Polynomialtime trace reconstruction in the smoothed complexity model
In the trace reconstruction problem, an unknown source string x ∈{0,1}^n...
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Subpolynomial trace reconstruction for random strings and arbitrary deletion probability
The deletioninsertion channel takes as input a bit string x∈{0,1}^n, a...
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Efficient averagecase population recovery in the presence of insertions and deletions
Several recent works have considered the trace reconstruction problem, i...
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Beyond trace reconstruction: Population recovery from the deletion channel
Population recovery is the problem of learning an unknown distribution o...
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Population Recovery from the Deletion Channel: Nearly Matching Trace Reconstruction Bounds
The population recovery problem asks one to recover an unknown distribut...
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MeanBased Trace Reconstruction over Practically any ReplicationInsertion Channel
Meanbased reconstruction is a fundamental, natural approach to worstca...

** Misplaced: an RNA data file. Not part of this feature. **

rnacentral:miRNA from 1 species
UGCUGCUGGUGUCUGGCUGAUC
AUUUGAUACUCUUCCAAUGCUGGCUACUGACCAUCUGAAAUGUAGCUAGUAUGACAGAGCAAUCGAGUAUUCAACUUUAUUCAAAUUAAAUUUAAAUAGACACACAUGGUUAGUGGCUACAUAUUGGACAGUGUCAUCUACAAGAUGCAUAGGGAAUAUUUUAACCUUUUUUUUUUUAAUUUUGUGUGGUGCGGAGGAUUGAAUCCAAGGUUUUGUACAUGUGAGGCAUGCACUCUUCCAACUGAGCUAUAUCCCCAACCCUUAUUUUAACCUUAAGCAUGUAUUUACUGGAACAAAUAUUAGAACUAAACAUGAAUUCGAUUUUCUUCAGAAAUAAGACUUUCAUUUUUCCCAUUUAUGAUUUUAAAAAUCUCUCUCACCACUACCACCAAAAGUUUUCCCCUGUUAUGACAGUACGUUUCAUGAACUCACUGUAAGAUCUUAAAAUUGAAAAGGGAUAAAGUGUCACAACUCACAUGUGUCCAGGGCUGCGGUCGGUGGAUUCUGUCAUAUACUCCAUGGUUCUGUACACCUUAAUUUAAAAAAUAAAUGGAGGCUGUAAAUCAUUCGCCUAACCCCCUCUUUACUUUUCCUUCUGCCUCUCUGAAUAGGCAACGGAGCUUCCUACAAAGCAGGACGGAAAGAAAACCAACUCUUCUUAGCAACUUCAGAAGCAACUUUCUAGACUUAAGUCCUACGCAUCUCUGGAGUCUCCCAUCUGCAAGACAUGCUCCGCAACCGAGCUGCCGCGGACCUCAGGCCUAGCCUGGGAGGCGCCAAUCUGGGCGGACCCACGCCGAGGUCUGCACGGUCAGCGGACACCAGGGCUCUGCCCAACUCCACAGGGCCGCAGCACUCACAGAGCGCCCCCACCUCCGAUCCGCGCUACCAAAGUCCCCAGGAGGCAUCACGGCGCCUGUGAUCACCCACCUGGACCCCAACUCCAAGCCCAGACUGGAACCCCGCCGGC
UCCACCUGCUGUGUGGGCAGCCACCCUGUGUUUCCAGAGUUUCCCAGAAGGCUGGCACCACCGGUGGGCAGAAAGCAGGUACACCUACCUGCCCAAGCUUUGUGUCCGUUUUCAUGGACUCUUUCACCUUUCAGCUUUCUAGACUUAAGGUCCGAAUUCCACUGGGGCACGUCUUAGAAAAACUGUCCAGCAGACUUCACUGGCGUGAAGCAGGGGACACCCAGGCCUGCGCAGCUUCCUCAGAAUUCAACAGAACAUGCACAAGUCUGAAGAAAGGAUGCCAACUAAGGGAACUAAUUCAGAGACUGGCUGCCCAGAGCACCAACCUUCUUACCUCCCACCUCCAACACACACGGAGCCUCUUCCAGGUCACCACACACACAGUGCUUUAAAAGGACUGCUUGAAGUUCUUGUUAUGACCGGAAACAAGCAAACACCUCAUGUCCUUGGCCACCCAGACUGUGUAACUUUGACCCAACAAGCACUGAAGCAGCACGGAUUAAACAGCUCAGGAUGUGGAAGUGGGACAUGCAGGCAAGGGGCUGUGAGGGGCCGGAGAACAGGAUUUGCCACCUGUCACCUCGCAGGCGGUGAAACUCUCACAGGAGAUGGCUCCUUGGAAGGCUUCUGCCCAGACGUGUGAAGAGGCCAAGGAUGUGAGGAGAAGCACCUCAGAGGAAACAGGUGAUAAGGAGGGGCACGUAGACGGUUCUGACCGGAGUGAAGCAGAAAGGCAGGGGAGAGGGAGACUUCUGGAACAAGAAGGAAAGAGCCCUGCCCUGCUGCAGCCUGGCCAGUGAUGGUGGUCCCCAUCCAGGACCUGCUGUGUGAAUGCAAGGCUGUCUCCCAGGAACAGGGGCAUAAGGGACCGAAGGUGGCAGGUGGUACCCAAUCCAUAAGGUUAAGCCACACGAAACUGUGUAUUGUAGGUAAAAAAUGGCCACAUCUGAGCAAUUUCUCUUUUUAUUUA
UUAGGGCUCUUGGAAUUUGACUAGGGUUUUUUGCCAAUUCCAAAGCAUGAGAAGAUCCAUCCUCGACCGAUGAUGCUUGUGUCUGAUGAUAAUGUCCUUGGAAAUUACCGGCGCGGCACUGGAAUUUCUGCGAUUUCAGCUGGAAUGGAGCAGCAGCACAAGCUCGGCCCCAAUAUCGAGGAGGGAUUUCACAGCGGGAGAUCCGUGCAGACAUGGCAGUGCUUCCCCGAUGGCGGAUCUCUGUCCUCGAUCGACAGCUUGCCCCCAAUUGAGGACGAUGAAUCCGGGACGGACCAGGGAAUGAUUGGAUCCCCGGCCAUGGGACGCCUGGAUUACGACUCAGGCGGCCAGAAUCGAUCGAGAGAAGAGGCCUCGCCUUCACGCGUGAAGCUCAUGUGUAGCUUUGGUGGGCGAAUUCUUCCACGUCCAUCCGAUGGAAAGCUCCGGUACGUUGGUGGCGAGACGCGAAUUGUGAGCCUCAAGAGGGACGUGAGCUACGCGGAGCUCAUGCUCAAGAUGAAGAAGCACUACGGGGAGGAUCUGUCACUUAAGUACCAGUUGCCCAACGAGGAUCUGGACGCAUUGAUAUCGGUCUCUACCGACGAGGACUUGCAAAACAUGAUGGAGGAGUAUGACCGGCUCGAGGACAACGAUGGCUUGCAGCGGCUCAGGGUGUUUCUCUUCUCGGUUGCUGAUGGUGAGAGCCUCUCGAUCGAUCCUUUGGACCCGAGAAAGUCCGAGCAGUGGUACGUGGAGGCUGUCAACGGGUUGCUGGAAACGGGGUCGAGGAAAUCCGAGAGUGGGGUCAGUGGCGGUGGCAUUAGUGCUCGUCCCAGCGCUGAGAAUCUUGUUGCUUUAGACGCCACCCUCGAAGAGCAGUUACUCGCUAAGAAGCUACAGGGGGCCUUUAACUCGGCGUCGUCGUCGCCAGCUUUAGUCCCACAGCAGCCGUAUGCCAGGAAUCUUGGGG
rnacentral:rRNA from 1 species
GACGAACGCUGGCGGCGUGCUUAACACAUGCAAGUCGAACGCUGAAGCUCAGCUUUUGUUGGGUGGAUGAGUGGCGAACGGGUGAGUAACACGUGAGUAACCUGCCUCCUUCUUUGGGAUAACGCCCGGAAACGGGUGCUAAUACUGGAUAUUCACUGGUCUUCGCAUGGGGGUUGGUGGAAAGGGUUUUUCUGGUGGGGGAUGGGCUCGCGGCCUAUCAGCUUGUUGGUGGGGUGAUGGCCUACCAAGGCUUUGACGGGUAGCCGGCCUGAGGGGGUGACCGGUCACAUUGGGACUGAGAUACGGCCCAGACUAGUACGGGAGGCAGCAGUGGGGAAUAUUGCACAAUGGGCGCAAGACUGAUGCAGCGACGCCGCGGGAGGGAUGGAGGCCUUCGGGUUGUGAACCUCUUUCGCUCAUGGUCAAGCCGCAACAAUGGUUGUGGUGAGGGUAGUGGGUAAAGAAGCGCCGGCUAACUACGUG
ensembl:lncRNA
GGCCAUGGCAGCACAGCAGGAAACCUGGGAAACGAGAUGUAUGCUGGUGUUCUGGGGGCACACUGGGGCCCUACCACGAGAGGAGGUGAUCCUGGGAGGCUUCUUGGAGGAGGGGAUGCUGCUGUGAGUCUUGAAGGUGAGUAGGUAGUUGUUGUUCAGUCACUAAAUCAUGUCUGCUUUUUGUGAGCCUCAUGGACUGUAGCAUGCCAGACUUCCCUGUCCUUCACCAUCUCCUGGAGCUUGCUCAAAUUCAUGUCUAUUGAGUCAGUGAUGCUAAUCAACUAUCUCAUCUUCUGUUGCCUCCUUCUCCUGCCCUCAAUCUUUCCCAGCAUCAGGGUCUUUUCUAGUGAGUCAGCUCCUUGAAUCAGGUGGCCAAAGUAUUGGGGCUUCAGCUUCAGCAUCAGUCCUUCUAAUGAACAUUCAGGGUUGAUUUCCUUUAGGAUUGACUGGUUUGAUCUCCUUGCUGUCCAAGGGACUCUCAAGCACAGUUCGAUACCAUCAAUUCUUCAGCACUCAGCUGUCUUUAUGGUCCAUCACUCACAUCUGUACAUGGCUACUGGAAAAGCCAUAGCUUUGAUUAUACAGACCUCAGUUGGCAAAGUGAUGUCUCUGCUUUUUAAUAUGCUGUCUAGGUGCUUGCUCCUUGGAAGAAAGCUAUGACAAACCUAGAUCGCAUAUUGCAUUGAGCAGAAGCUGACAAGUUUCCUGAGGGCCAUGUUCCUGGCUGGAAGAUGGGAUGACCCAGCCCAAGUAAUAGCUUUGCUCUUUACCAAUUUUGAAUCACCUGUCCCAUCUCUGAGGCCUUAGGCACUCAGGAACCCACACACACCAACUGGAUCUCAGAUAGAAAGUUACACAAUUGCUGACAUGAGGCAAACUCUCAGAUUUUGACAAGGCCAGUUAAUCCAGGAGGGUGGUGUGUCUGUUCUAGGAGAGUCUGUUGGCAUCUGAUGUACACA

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Coded trace reconstruction
Motivated by averagecase trace reconstruction and coding for portable D...
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Polynomialtime trace reconstruction in the low deletion rate regime
In the trace reconstruction problem, an unknown source string x ∈{0,1}^n is transmitted through a probabilistic deletion channel which independently deletes each bit with some fixed probability δ and concatenates the surviving bits, resulting in a trace of x. The problem is to reconstruct x given access to independent traces. Trace reconstruction of arbitrary (worstcase) strings is a challenging problem, with the current state of the art for poly(n)time algorithms being the 2004 algorithm of Batu et al. <cit.>. This algorithm can reconstruct an arbitrary source string x ∈{0,1}^n in poly(n) time provided that the deletion rate δ satisfies δ≤ n^(1/2 + ε) for some ε > 0. In this work we improve on the result of <cit.> by giving a poly(n)time algorithm for trace reconstruction for any deletion rate δ≤ n^(1/3 + ε). Our algorithm works by alternating an alignmentbased procedure, which we show effectively reconstructs portions of the source string that are not "highly repetitive", with a novel procedure that efficiently determines the length of highly repetitive subwords of the source string.
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